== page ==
Sunday, October 6, 2019

How did democratization impact upon foreign policy of Brazil Essay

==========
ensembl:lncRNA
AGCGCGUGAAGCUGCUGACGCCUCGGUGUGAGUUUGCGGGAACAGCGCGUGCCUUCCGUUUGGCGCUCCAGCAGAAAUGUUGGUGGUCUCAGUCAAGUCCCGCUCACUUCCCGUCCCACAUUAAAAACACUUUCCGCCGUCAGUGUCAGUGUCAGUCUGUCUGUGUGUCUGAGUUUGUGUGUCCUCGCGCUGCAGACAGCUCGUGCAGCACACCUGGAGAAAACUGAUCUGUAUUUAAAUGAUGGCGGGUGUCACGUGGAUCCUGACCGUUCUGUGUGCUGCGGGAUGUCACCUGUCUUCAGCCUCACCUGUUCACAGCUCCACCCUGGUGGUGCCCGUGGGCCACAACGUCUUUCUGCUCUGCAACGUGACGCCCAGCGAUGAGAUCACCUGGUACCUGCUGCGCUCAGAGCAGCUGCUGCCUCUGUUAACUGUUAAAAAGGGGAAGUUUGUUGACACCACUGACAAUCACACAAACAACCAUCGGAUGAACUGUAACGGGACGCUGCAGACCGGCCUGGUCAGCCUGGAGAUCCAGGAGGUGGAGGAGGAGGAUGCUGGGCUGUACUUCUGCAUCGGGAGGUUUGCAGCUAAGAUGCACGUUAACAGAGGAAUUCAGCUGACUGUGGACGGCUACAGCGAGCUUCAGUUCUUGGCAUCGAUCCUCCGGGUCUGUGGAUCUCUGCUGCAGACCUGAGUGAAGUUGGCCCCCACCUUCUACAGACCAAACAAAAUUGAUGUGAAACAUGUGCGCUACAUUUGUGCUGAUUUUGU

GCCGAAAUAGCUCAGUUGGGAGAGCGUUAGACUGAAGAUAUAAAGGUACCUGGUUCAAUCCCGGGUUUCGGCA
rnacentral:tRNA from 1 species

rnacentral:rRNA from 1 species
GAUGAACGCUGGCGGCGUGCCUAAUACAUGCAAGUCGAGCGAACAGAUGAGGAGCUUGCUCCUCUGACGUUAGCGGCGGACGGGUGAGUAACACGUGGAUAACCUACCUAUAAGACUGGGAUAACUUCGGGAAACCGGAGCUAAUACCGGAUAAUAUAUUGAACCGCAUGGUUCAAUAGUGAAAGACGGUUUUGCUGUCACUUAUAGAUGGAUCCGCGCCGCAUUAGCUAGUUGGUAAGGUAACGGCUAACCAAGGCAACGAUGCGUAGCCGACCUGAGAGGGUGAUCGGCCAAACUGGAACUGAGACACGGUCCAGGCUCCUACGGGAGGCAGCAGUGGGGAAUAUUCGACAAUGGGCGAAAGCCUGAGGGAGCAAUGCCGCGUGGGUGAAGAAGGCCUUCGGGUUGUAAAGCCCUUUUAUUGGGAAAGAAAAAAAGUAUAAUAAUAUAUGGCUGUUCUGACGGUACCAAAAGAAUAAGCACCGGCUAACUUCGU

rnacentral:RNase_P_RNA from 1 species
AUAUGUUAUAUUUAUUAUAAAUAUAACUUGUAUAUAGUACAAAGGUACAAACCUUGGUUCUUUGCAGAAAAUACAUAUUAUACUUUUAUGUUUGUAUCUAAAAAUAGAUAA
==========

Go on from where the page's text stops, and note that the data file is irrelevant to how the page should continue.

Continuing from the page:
How did democratization impact upon foreign policy of Brazil - Essay Example The Geography and Demographics of Brazil Brazil has always had a unique sense of its identity as a continental country. Because of its vast land area and its sizable population it is, like the United States, Russia, China and India, bound to perform an important role in the international community. A country this size, dominating the greater part of South America, is bound to exert economic and political influence in the region and the world. It has, after all, the world’s eighth largest economy and fifth-largest land territory in the world (Da Cruz, 2005, p. 115). For instance, the magnitude of its people’s progress – 24 million Brazilians elevated from poverty, and 31 million more joining the middle class – is bound to create a sizeable ripple in the world economy (Vincent, 2010). The problems and challenges facing Brazil, and the manner in which she resolves them, will tend to exert an impact upon other states because of the country’s sheer size (Lafer, 2000, p. 208). The following figure shows a map of Brazil and its smaller neighboring states. Map of Brazil Source: Aside from its geography and demographics, Brazil’s uniqueness lies in its remarkable history. ... Brazil’s international identity places it at an advantage; although a former colony, it was distanced from international tensions that had occupied other nations in their search for a unique national identity. Brazil’s post-colonial history Brazil gained independence from the colonizers in 1822, and after that it gained freedom from monarchical rule in 1889 through a military overthrow. Between these years, a legitimate monarchy gave way to a well-established oligarchic republic where power was wielded by industrialists, coffee growers, and cattle ranchers (Lafer, 2000; Maitra, 2007). From 1889 to 1930, the country was run as a constitutional republic (i.e., the â€Å"First Republic†) with its old provinces granted autonomy as states, and collectively governed under the formal name, â€Å"The United States of Brazil.† In 1930, the Brazilian Revolution marked the end of the old republic and installed Getulio Dornelles Vargas in power. For this reason, 1930 to 1945 is known as the Vargas Era. While the early years had the benefit of a democratically eleted legislature, the years 1937 to 1945 saw Vargas transform into an authoritarian ruler who had abolished the former Constitution in a coup d’etat, shut down Congress, and assumed dictatorial powers. In 1945 Vargas was deposed, and the country redemocratized (Levine, 2003, p. 97). The subsequent period saw a populist regime followed by unsuccessful economic programs, for which reason the military intervened in 1964 in a revolutionary coup which again, as before, ended in dictatorship by 1985 (Levine, 2003). By 1985, democracy was again established, giving way to the first directly elected president (after the military regime) in 1989, in

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